‘The man ready to teach Uganda a lesson’
Kampala, Uganda |THE INDEPENDENT | Details emerging following the recent failure of major oil companies to pressure the Uganda government to grant tax concessions before a crucial purchase and sale deal are casting the country as a “nightmare” for oil firms.
And the result is that the French oil major Total E&P is determined to change that – by “teaching Uganda a lesson”.
Signing of the Purchase and Sale Agreements (PSAs) between Tullow Oil Plc, Total Exploration & Production (E&P) and the China National Offshore Oil Corporation (CNOOC) would have paved way for a Final Investment Decision (FID). But Tullow insisted on getting a 51% waiver of the due Capital Gains Tax (CGT) because, it said, the money from the US$900 million was to be reinvested in the sector.
In a bid to get the deal done, Total initially arranged a transaction in which it would carry 50% of Tullow’s CGT. But Total gave the government a condition that the money it was paying had to be tax deductible when Total starts recovering the money it has invested as soon as Uganda starts earning oil money.
The government countered that Tullow’s farm down was liable to a non-negotiable CGT and any arrangements Tullow entered with Total could not change the tax liability.
Following that impasse Tullow, Total, and CNOOC allowed the PSAs they had agreed in 2017 to expire on Aug.29. Then Total raised the ante when on Sept.05 it announced that it was suspending activity of the East Africa Crude Oil Pipeline and, together with its Joint Venture Partners – Tullow and CNOOC, started laying off staff.
Based on these developments, several news media in the North Sea region that comprises the UK, Norway, Germany, Netherlands and Denmark, have carried reports that Uganda is a “nightmare” for oil. Total has been the second biggest player in North Sea oil since 2017 and Total CEO Patrick Pouyanne has been a major news maker since he paid US$7.5 billion there to acquire Maersk Oil.
Now the leading digital news platform for the oil and gas from Europe’s energy capital Aberdeen in Scotland called Energy Voice has been
making the point that Total is determined to teach Uganda a lesson. The news platform which boasts of being read in over 100 countries around the globe because of this influential in-depth research and market analysis has been citing challenges Tullow has faced. It says from the moment Tullow purchased Heritage’s concession and got entangled in tax disputes with the Uganda government, “it was a sign that things would not be straightforward”.
“This is not the first time that Uganda has proved challenging for Tullow. When the company bought out Heritage Oil, it faced a drawn out battle with the government over tax,” Energy Voice said in one of its reports.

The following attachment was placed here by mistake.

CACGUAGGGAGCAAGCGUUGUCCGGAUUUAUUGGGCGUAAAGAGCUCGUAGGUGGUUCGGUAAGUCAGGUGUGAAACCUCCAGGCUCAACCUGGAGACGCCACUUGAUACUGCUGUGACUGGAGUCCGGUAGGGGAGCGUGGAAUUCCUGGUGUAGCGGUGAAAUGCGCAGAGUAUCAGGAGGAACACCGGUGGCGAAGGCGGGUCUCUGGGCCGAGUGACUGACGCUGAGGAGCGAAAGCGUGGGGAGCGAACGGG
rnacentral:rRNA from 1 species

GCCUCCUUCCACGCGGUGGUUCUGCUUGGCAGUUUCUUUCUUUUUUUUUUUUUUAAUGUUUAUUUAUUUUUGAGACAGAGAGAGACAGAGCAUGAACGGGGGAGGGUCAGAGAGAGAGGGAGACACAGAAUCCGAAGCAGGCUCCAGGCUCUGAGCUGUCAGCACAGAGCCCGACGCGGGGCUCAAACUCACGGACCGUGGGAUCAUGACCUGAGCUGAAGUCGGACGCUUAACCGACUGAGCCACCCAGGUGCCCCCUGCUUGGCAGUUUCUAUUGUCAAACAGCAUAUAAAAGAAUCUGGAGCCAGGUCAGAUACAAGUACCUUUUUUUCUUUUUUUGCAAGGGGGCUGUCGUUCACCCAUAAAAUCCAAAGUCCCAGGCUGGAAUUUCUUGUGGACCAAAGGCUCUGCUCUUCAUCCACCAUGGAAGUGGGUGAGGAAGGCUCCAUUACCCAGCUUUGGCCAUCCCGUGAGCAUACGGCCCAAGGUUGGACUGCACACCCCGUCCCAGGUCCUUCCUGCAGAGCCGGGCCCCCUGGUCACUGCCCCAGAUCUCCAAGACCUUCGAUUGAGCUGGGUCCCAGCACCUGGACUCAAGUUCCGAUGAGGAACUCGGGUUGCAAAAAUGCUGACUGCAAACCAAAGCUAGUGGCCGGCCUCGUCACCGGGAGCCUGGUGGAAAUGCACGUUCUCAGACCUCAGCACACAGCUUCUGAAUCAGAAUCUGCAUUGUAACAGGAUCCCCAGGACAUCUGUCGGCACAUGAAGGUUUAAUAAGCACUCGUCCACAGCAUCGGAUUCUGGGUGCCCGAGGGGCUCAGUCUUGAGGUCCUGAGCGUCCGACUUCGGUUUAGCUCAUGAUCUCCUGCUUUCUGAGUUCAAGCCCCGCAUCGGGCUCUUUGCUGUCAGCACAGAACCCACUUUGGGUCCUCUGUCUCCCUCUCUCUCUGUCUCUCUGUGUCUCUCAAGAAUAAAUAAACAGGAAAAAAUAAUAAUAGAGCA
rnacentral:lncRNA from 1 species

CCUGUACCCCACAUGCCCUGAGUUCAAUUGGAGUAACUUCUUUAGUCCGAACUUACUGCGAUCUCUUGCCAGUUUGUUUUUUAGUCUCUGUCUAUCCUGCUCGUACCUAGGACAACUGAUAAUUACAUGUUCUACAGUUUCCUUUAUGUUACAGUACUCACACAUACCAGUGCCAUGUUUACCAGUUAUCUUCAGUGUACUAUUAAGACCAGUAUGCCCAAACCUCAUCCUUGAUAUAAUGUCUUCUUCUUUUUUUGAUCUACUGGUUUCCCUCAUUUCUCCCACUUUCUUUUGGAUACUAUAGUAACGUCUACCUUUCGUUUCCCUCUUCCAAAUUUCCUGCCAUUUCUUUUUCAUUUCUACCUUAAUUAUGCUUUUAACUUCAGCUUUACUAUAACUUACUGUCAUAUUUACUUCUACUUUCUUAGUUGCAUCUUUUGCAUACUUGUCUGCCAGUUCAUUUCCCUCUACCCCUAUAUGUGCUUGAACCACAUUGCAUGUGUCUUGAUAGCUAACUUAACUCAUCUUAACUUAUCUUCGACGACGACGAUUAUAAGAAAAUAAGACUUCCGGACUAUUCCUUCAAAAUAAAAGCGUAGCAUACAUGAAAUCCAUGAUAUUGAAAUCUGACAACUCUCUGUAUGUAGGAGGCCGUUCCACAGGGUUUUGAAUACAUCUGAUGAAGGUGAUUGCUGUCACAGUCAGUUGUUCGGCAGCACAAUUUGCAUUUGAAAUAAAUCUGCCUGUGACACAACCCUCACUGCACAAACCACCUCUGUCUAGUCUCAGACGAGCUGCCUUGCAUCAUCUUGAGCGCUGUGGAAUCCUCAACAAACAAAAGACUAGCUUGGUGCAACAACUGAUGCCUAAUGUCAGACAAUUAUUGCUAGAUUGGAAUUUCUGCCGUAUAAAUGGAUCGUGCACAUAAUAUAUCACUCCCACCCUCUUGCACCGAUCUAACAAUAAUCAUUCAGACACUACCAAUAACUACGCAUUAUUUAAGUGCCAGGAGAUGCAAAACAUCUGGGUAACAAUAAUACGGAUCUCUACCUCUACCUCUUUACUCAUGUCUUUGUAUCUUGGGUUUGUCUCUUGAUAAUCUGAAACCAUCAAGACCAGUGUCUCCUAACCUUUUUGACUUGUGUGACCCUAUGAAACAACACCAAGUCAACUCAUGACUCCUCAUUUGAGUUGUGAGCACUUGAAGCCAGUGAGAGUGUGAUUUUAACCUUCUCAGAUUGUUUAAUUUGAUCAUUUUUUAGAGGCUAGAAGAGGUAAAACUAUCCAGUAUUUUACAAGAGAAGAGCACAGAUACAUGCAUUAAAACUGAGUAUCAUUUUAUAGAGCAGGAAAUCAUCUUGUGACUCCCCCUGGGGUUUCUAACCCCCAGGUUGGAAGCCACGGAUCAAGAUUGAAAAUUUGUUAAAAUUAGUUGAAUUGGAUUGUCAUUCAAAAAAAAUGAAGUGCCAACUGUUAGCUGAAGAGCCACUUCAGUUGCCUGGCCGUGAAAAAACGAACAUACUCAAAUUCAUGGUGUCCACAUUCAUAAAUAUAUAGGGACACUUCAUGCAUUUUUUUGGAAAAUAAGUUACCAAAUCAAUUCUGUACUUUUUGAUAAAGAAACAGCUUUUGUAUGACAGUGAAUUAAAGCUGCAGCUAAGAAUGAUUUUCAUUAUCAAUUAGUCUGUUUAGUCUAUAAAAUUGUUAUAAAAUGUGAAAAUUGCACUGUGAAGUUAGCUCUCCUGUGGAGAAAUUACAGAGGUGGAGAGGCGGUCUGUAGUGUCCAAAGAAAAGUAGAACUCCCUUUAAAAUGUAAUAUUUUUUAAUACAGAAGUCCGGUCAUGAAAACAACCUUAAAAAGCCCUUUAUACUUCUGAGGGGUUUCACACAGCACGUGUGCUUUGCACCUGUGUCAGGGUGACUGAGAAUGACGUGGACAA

It quotes one Stephane Foucaud from a firm called GMP First Energy, who says Total E&P, is determined to change that by freezing all activity In Uganda.
“Total is sending a clear message to the Ugandan government that unless things are changed, the company will not do anything. Nobody can replace them. The alternative option would be for Tullow to sell to a new buyer a much lower level. In the near term everything will be stuck,” Foucaud reportedly told Energy Voice.
Total’s move could also be seen as a warning to other countries in the early stages of development planning, according to the report.
“This could be seen as a salvo fired at Kenya, a warning Foucaud reportedly said. “For Total and Tullow just focusing on Kenya would be easier – and there’s an incentive to make sure things work.”
The Tullow, Total gamble
The gamble is that Uganda needs the oil deal more than Total does.
The assumption has been that President Museveni, who has been pegging most government spending (including purchase on loan of planes for the new national airline) on “oil money”, would want the money in a hurry to finance major infrastructure project, bolster Uganda’s capacity to manage its growing public debt, and finance his 2021 re-election.
A June report on the state of the economy by the country’s central bank said Uganda needs to export oil by 2023 if the debt is to be sustainably managed.
The report said Uganda’s public debt stock will grow from current US$10.74 billion (Shs39 trillion) to US$13.4 billion (Approx. Shs49 trillion) in the 2019/20 financial year. This is a rise from 42.2% of GDP to 45.7. The government has set a debt-to-GDP threshold of 50%.
The Energy Voice report says “while Lake Albert and the pipeline plan do represent a major step for Uganda, it is less important for Total”.
It adds: Total are also distracted by other areas, where it has big ticket projects in the works, such as Mozambique and Papua New Guinea (PNG), with major LNG plans. The French company feels it has invested enough and is holding out for change to come from Uganda.